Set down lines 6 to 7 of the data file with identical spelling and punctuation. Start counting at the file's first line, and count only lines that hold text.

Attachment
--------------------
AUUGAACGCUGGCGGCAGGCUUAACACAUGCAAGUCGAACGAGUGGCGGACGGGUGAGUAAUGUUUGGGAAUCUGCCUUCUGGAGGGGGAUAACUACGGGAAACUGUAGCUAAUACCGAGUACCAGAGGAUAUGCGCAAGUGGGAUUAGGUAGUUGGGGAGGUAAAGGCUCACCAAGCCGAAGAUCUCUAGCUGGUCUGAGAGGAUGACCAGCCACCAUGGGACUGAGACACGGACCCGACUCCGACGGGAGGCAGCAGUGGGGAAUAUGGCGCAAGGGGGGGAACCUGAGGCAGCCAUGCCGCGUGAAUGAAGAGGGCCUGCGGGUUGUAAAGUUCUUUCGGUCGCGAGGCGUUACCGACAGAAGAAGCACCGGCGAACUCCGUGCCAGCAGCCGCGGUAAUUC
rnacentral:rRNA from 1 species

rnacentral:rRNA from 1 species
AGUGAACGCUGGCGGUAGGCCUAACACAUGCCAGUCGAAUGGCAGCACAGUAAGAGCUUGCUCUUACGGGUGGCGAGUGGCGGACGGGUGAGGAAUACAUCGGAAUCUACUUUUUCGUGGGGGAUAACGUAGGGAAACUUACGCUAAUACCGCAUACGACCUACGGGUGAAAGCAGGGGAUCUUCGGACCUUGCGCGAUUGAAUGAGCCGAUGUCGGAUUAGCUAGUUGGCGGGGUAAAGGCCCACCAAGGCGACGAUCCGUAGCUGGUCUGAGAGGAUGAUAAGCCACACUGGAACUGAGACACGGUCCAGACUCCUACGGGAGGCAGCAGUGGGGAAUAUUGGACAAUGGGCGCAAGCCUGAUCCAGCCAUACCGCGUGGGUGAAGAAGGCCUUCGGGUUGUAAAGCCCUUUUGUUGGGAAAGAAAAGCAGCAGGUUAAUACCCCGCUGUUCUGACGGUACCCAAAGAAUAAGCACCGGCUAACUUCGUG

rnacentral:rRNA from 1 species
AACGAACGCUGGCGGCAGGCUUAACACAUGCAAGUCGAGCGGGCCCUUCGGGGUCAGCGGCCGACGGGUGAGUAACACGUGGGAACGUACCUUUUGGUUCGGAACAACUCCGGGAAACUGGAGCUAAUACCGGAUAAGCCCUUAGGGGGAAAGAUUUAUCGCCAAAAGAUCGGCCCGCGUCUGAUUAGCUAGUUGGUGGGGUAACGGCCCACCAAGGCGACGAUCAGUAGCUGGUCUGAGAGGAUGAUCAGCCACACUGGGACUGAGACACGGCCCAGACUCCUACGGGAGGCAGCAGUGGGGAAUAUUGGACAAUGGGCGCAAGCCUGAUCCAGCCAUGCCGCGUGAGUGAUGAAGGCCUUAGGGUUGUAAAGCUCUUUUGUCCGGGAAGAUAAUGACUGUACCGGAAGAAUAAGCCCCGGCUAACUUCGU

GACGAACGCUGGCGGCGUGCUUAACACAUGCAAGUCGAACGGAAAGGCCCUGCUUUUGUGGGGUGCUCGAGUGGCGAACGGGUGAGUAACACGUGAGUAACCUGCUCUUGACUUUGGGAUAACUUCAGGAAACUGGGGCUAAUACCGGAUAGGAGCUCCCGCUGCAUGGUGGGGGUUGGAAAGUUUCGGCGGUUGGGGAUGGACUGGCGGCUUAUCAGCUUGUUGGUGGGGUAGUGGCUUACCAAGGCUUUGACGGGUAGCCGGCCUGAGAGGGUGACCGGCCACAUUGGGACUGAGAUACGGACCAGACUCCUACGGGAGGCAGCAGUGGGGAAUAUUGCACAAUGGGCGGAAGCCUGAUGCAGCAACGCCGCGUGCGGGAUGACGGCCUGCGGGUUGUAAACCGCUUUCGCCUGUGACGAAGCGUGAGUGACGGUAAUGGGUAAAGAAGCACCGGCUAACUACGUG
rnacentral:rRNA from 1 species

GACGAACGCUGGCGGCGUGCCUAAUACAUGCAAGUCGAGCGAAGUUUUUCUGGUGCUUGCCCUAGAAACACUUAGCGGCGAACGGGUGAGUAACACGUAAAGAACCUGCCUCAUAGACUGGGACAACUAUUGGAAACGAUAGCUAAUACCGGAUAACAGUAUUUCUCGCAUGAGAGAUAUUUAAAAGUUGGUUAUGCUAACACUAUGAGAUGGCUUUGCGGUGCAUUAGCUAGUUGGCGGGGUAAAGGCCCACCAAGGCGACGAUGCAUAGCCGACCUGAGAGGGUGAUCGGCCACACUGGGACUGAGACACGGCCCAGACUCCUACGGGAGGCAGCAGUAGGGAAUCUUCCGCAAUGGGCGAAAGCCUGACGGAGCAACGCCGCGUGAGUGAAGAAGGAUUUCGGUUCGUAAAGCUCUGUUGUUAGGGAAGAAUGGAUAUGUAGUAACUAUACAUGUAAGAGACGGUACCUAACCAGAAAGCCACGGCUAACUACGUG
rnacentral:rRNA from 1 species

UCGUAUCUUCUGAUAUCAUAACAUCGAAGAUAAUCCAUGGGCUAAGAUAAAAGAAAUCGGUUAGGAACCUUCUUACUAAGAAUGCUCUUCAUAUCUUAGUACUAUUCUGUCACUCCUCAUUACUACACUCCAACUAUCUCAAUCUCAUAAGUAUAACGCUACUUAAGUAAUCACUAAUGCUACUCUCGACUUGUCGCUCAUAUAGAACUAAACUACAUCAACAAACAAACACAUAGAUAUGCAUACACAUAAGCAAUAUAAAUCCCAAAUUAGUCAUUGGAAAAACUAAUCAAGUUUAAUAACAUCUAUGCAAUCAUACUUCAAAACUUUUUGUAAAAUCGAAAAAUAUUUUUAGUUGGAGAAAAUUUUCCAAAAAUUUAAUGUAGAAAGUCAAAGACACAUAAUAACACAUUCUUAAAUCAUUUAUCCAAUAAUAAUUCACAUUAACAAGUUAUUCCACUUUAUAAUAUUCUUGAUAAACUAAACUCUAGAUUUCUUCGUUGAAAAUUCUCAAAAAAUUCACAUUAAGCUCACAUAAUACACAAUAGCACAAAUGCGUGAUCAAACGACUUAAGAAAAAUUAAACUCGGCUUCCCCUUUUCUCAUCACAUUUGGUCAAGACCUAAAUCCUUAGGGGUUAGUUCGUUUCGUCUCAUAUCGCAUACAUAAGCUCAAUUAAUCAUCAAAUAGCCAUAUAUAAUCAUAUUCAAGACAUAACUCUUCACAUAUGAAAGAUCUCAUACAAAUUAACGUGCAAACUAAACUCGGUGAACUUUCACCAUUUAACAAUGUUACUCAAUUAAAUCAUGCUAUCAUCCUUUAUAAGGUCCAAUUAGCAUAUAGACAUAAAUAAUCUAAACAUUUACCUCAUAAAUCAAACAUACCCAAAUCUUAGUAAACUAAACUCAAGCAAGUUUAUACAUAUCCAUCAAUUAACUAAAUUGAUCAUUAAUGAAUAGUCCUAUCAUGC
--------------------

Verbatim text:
AACGAACGCUGGCGGCAGGCUUAACACAUGCAAGUCGAGCGGGCCCUUCGGGGUCAGCGGCCGACGGGUGAGUAACACGUGGGAACGUACCUUUUGGUUCGGAACAACUCCGGGAAACUGGAGCUAAUACCGGAUAAGCCCUUAGGGGGAAAGAUUUAUCGCCAAAAGAUCGGCCCGCGUCUGAUUAGCUAGUUGGUGGGGUAACGGCCCACCAAGGCGACGAUCAGUAGCUGGUCUGAGAGGAUGAUCAGCCACACUGGGACUGAGACACGGCCCAGACUCCUACGGGAGGCAGCAGUGGGGAAUAUUGGACAAUGGGCGCAAGCCUGAUCCAGCCAUGCCGCGUGAGUGAUGAAGGCCUUAGGGUUGUAAAGCUCUUUUGUCCGGGAAGAUAAUGACUGUACCGGAAGAAUAAGCCCCGGCUAACUUCGU

GACGAACGCUGGCGGCGUGCUUAACACAUGCAAGUCGAACGGAAAGGCCCUGCUUUUGUGGGGUGCUCGAGUGGCGAACGGGUGAGUAACACGUGAGUAACCUGCUCUUGACUUUGGGAUAACUUCAGGAAACUGGGGCUAAUACCGGAUAGGAGCUCCCGCUGCAUGGUGGGGGUUGGAAAGUUUCGGCGGUUGGGGAUGGACUGGCGGCUUAUCAGCUUGUUGGUGGGGUAGUGGCUUACCAAGGCUUUGACGGGUAGCCGGCCUGAGAGGGUGACCGGCCACAUUGGGACUGAGAUACGGACCAGACUCCUACGGGAGGCAGCAGUGGGGAAUAUUGCACAAUGGGCGGAAGCCUGAUGCAGCAACGCCGCGUGCGGGAUGACGGCCUGCGGGUUGUAAACCGCUUUCGCCUGUGACGAAGCGUGAGUGACGGUAAUGGGUAAAGAAGCACCGGCUAACUACGUG